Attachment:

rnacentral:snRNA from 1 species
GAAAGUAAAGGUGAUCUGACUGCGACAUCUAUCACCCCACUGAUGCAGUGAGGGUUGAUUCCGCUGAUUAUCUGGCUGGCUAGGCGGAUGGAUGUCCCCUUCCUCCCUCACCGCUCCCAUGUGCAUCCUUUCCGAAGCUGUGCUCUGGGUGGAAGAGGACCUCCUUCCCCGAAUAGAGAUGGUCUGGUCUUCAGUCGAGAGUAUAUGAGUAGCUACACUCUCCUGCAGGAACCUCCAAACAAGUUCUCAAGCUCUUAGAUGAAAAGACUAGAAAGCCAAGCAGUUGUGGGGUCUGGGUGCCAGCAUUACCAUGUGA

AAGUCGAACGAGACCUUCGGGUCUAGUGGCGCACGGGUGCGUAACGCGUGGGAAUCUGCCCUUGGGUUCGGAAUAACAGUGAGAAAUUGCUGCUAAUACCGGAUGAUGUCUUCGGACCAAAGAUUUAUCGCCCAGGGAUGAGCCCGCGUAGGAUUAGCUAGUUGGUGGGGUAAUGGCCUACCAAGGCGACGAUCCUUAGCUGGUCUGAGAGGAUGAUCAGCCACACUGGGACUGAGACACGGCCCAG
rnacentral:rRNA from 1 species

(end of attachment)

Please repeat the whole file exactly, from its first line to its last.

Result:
rnacentral:snRNA from 1 species
GAAAGUAAAGGUGAUCUGACUGCGACAUCUAUCACCCCACUGAUGCAGUGAGGGUUGAUUCCGCUGAUUAUCUGGCUGGCUAGGCGGAUGGAUGUCCCCUUCCUCCCUCACCGCUCCCAUGUGCAUCCUUUCCGAAGCUGUGCUCUGGGUGGAAGAGGACCUCCUUCCCCGAAUAGAGAUGGUCUGGUCUUCAGUCGAGAGUAUAUGAGUAGCUACACUCUCCUGCAGGAACCUCCAAACAAGUUCUCAAGCUCUUAGAUGAAAAGACUAGAAAGCCAAGCAGUUGUGGGGUCUGGGUGCCAGCAUUACCAUGUGA

AAGUCGAACGAGACCUUCGGGUCUAGUGGCGCACGGGUGCGUAACGCGUGGGAAUCUGCCCUUGGGUUCGGAAUAACAGUGAGAAAUUGCUGCUAAUACCGGAUGAUGUCUUCGGACCAAAGAUUUAUCGCCCAGGGAUGAGCCCGCGUAGGAUUAGCUAGUUGGUGGGGUAAUGGCCUACCAAGGCGACGAUCCUUAGCUGGUCUGAGAGGAUGAUCAGCCACACUGGGACUGAGACACGGCCCAG
rnacentral:rRNA from 1 species